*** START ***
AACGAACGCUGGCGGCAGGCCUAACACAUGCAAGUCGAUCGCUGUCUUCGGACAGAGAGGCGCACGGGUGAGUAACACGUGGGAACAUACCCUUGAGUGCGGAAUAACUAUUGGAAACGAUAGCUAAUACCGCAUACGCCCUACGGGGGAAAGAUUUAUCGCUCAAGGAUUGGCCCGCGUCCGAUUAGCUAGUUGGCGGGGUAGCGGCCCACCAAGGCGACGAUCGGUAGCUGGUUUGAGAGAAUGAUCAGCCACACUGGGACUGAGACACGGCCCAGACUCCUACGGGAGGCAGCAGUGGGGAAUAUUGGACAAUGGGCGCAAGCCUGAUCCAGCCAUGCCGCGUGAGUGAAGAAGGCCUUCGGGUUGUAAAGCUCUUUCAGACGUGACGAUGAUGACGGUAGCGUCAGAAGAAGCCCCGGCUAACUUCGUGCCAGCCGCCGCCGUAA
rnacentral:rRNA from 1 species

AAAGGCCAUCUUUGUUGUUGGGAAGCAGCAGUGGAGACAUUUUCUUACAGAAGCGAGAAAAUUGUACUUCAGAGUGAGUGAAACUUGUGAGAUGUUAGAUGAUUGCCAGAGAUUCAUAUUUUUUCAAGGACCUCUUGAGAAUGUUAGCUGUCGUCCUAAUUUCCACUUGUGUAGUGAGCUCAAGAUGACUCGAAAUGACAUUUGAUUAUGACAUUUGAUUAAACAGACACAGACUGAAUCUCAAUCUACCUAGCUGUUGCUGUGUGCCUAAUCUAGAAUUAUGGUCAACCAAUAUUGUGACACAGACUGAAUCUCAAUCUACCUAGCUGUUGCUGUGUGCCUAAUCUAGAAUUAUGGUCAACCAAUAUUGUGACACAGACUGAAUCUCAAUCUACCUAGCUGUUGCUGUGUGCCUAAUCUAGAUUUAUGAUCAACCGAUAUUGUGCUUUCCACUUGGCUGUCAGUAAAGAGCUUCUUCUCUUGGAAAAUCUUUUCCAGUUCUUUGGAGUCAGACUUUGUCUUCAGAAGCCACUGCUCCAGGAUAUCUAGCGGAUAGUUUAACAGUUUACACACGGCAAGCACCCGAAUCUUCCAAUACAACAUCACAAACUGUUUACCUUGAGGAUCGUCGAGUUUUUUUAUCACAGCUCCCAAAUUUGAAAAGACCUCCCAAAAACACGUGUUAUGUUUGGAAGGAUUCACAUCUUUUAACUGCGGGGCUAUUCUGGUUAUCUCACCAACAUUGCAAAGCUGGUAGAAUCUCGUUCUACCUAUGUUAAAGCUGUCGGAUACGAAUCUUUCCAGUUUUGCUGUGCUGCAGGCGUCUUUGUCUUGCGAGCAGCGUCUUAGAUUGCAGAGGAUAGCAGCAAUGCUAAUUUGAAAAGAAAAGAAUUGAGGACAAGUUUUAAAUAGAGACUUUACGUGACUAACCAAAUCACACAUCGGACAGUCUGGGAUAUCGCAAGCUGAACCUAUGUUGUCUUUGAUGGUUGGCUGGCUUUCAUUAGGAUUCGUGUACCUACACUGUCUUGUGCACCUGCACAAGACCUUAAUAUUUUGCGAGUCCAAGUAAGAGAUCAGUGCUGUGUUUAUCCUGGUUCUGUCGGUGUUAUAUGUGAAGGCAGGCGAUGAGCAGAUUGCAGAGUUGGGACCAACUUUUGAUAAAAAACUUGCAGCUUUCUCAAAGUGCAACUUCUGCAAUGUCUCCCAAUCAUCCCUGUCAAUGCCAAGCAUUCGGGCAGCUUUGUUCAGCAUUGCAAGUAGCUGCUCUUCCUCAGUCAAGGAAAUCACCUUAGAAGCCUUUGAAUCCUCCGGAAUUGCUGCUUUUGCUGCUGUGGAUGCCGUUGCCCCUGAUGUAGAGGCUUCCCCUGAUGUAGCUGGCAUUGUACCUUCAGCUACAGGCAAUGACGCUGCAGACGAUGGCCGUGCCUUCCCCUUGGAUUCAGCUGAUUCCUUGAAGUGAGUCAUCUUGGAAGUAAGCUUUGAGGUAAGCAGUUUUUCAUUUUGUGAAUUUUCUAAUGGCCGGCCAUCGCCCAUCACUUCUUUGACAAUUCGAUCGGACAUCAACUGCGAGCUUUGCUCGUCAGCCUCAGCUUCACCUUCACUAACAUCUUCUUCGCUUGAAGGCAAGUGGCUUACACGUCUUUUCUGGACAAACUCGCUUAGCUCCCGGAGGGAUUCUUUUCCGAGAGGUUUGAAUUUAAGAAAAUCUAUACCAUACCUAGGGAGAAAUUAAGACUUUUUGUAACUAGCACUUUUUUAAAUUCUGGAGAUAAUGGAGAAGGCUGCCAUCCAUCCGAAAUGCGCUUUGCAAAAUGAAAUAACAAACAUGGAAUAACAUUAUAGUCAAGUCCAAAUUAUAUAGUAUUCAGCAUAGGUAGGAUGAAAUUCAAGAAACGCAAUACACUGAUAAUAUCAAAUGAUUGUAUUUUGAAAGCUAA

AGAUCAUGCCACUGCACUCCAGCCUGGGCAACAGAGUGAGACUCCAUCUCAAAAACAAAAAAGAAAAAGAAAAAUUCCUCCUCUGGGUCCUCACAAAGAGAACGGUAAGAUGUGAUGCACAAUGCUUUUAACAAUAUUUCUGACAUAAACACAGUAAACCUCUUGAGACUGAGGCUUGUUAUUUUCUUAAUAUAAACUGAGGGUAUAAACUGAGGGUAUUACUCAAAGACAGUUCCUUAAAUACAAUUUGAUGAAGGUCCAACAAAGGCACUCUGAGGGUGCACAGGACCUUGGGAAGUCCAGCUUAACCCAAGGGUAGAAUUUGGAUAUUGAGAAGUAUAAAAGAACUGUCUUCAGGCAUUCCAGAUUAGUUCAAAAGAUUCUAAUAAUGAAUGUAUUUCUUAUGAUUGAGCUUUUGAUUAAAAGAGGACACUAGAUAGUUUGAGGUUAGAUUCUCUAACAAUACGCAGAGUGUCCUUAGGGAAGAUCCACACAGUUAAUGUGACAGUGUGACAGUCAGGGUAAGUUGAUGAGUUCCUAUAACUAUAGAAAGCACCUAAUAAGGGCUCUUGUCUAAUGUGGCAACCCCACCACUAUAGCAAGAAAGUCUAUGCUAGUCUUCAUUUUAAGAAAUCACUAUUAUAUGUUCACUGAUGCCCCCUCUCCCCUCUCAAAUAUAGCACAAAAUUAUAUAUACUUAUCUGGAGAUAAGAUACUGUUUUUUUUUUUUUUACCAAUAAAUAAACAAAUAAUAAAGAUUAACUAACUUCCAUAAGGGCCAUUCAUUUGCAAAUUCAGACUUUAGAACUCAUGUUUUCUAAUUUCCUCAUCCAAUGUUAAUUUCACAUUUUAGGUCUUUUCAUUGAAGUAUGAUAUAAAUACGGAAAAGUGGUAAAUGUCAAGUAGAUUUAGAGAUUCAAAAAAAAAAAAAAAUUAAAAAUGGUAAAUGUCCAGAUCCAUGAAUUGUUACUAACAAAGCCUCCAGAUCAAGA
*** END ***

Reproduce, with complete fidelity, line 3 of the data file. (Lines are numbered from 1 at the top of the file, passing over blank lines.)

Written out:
AAAGGCCAUCUUUGUUGUUGGGAAGCAGCAGUGGAGACAUUUUCUUACAGAAGCGAGAAAAUUGUACUUCAGAGUGAGUGAAACUUGUGAGAUGUUAGAUGAUUGCCAGAGAUUCAUAUUUUUUCAAGGACCUCUUGAGAAUGUUAGCUGUCGUCCUAAUUUCCACUUGUGUAGUGAGCUCAAGAUGACUCGAAAUGACAUUUGAUUAUGACAUUUGAUUAAACAGACACAGACUGAAUCUCAAUCUACCUAGCUGUUGCUGUGUGCCUAAUCUAGAAUUAUGGUCAACCAAUAUUGUGACACAGACUGAAUCUCAAUCUACCUAGCUGUUGCUGUGUGCCUAAUCUAGAAUUAUGGUCAACCAAUAUUGUGACACAGACUGAAUCUCAAUCUACCUAGCUGUUGCUGUGUGCCUAAUCUAGAUUUAUGAUCAACCGAUAUUGUGCUUUCCACUUGGCUGUCAGUAAAGAGCUUCUUCUCUUGGAAAAUCUUUUCCAGUUCUUUGGAGUCAGACUUUGUCUUCAGAAGCCACUGCUCCAGGAUAUCUAGCGGAUAGUUUAACAGUUUACACACGGCAAGCACCCGAAUCUUCCAAUACAACAUCACAAACUGUUUACCUUGAGGAUCGUCGAGUUUUUUUAUCACAGCUCCCAAAUUUGAAAAGACCUCCCAAAAACACGUGUUAUGUUUGGAAGGAUUCACAUCUUUUAACUGCGGGGCUAUUCUGGUUAUCUCACCAACAUUGCAAAGCUGGUAGAAUCUCGUUCUACCUAUGUUAAAGCUGUCGGAUACGAAUCUUUCCAGUUUUGCUGUGCUGCAGGCGUCUUUGUCUUGCGAGCAGCGUCUUAGAUUGCAGAGGAUAGCAGCAAUGCUAAUUUGAAAAGAAAAGAAUUGAGGACAAGUUUUAAAUAGAGACUUUACGUGACUAACCAAAUCACACAUCGGACAGUCUGGGAUAUCGCAAGCUGAACCUAUGUUGUCUUUGAUGGUUGGCUGGCUUUCAUUAGGAUUCGUGUACCUACACUGUCUUGUGCACCUGCACAAGACCUUAAUAUUUUGCGAGUCCAAGUAAGAGAUCAGUGCUGUGUUUAUCCUGGUUCUGUCGGUGUUAUAUGUGAAGGCAGGCGAUGAGCAGAUUGCAGAGUUGGGACCAACUUUUGAUAAAAAACUUGCAGCUUUCUCAAAGUGCAACUUCUGCAAUGUCUCCCAAUCAUCCCUGUCAAUGCCAAGCAUUCGGGCAGCUUUGUUCAGCAUUGCAAGUAGCUGCUCUUCCUCAGUCAAGGAAAUCACCUUAGAAGCCUUUGAAUCCUCCGGAAUUGCUGCUUUUGCUGCUGUGGAUGCCGUUGCCCCUGAUGUAGAGGCUUCCCCUGAUGUAGCUGGCAUUGUACCUUCAGCUACAGGCAAUGACGCUGCAGACGAUGGCCGUGCCUUCCCCUUGGAUUCAGCUGAUUCCUUGAAGUGAGUCAUCUUGGAAGUAAGCUUUGAGGUAAGCAGUUUUUCAUUUUGUGAAUUUUCUAAUGGCCGGCCAUCGCCCAUCACUUCUUUGACAAUUCGAUCGGACAUCAACUGCGAGCUUUGCUCGUCAGCCUCAGCUUCACCUUCACUAACAUCUUCUUCGCUUGAAGGCAAGUGGCUUACACGUCUUUUCUGGACAAACUCGCUUAGCUCCCGGAGGGAUUCUUUUCCGAGAGGUUUGAAUUUAAGAAAAUCUAUACCAUACCUAGGGAGAAAUUAAGACUUUUUGUAACUAGCACUUUUUUAAAUUCUGGAGAUAAUGGAGAAGGCUGCCAUCCAUCCGAAAUGCGCUUUGCAAAAUGAAAUAACAAACAUGGAAUAACAUUAUAGUCAAGUCCAAAUUAUAUAGUAUUCAGCAUAGGUAGGAUGAAAUUCAAGAAACGCAAUACACUGAUAAUAUCAAAUGAUUGUAUUUUGAAAGCUAA